State v. WaddellAnnotate this Case
308 N.W.2d 303 (1981)
STATE of Minnesota, Respondent, v. Willis Lavell WADDELL, Appellant.
Supreme Court of Minnesota.
July 17, 1981.
C. Paul Jones, Public Defender, and Lawrence Hammerling, Asst. Public Defender, Minneapolis, for appellant.
Warren Spannaus, Atty. Gen., St. Paul, Thomas L. Johnson, County Atty., Vernon E. Bergstrom, Chief, Appellate Section, Michael H. McGlennen, Thomas A. Weist, Asst. County Atty., and Anne E. Peek, Law Clerk, Minneapolis, for respondent.
Considered and decided by the court en banc without oral argument.
Defendant, who was charged with burglary and criminal sexual conduct in the first degree, was found guilty by a district court jury of criminal sexual conduct in the third degree and sentenced by the trial court to a maximum prison term of five years. On this appeal from judgment of conviction defendant contends (1) that the evidence that sexual penetration was non-consensual was legally insufficient and (2) that the trial court erred in allowing the prosecutor to use certain "collateral" evidence to contradict testimony given by a defense witness, whose testimony discredited the complainant. We affirm.
Complainant was an 18-year-old woman who was acquainted with defendant as a result of defendant's relationship with one of the women in the apartment next to complainant's apartment. Early on November *304 18, 1979, defendant allegedly broke into complainant's apartment and committed various sexual acts against complainant, who testified that she submitted to defendant's demands because she feared defendant might seriously harm her if she did not. She based this fear on a statement defendant had made when he first met her, specifically, that he had just gotten out of jail for slicing someone's throat.
After defendant raped her and left her apartment, complainant contacted her neighbors and her old boy friend, who called the police. She promptly accused defendant of the misconduct and never wavered in her claim.
Medical evidence corroborated her claim that sexual penetration had occurred. Her claim that the sexual penetration was nonconsensual was corroborated by evidence (a) that she was highly emotional and frightened when she reported the offense to the police, (b) that she had a mark on her neck and a mark on her shoulder, and (c) that she said her jaw hurt on the side opposite the side which she claimed defendant had struck. This last fact is especially significant because complainant obviously did not have the sophistication to know that a person hit on one side of the jaw often will experience pain on the other side.
Defendant, who admitted penetration but claimed consent, relied heavily on the testimony of the tenants of the neighboring apartment, including his girl friend, who did her best to discredit complainant's testimony. This friend admitted on direct that she had had an on-going sexual relationship with defendant and that defendant had once hit her but she claimed that she, like the other women who knew defendant, were not the least bit afraid of him.
Over objection, the prosecutor was permitted to cross-examine her about a 1978 incident in which defendant allegedly entered her apartment and raped her and terrified her. The prosecutor was also permitted to establish extrinsicly through cross-examination of another defense witness that defendant's girl friend had reported the 1978 incident to this witness and expressed fear of what defendant would do to her if she contacted the police.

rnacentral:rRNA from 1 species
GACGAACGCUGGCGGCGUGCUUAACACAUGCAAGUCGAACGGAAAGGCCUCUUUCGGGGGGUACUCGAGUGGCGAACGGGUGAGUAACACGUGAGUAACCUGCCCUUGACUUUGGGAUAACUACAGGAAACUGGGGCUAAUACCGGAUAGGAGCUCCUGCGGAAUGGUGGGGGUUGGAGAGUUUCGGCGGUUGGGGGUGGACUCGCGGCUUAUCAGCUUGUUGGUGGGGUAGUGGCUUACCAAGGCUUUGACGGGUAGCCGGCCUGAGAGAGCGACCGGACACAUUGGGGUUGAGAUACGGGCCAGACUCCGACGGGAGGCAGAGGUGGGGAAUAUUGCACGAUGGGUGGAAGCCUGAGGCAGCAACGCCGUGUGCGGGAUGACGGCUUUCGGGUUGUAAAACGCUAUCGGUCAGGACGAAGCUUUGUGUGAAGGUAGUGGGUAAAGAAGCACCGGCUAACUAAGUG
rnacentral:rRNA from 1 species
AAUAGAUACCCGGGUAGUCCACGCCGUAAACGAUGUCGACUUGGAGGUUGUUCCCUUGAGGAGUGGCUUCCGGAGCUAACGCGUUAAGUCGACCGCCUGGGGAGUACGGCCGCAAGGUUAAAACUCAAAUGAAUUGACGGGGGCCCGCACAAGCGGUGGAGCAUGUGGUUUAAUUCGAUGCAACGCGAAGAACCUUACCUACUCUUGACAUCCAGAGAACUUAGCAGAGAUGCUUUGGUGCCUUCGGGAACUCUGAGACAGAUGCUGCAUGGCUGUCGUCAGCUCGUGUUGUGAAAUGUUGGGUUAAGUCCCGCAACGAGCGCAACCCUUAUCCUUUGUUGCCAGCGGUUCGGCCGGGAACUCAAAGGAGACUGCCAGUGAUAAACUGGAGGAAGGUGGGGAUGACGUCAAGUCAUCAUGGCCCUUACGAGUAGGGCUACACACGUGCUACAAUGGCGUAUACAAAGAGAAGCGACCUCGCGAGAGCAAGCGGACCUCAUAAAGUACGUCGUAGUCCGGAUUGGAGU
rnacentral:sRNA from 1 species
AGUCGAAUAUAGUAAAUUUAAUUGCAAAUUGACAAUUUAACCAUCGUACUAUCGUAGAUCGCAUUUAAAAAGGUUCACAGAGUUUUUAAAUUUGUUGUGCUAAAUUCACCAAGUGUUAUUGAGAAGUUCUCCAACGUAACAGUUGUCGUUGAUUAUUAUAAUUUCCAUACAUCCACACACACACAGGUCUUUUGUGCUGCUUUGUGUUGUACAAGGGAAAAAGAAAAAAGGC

1. Defendant's first contention, that the evidence was legally insufficient, is without merit. Although corroboration is not a requirement in all such cases, there was corroboration in this case, and we are satisfied that the evidence was sufficient.
2. Defendant's other contention is that the trial court prejudicially erred in allowing the prosecutor to elicit the evidence concerning the 1978 misconduct in his cross-examination of defendant's girl friend and her roommate. We hold that the court did not err.
An excellent analysis of the topic of exclusion of "collateral" evidence which contradicts testimony previously given by a witness appears in 2 D. Louisell and C. Mueller, Federal Evidence § 129 (1978). The key point which emerges from that discussion is that use of the adjective "collateral" is not particularly useful in determining whether to bar contradiction by either cross-examination or by independent or extrinsic evidence. A more useful approach is the balancing approach of Minn.R.Evid. 403, that is, the approach of confronting the problem explicitly, "acknowledging and weighing both the prejudice and the probative worth of impeachment." 2 D. Louisell and C. Mueller, supra, at 60.
Following either this approach or the more traditional approach see State v. Clark, 296 N.W.2d 359 (Minn.1980) we are satisfied that in this case the trial court did not prejudicially err in allowing the prosecutor's inquiry. If defense counsel wanted to prevent the jury from hearing this evidence, he should not have called defendant's girl friend to discredit complainant and he should not have questioned her about her lack of fear of defendant. Once he did this, then the prosecutor was perfectly justified in impeaching her by showing that she not only was biased in defendant's favor by virtue of her sexual relationship with defendant but also by virtue of her fear of defendant, a fear which she had expressed vividly in 1978 under circumstances remarkably *305 similar to the circumstances complainant found herself in in 1979.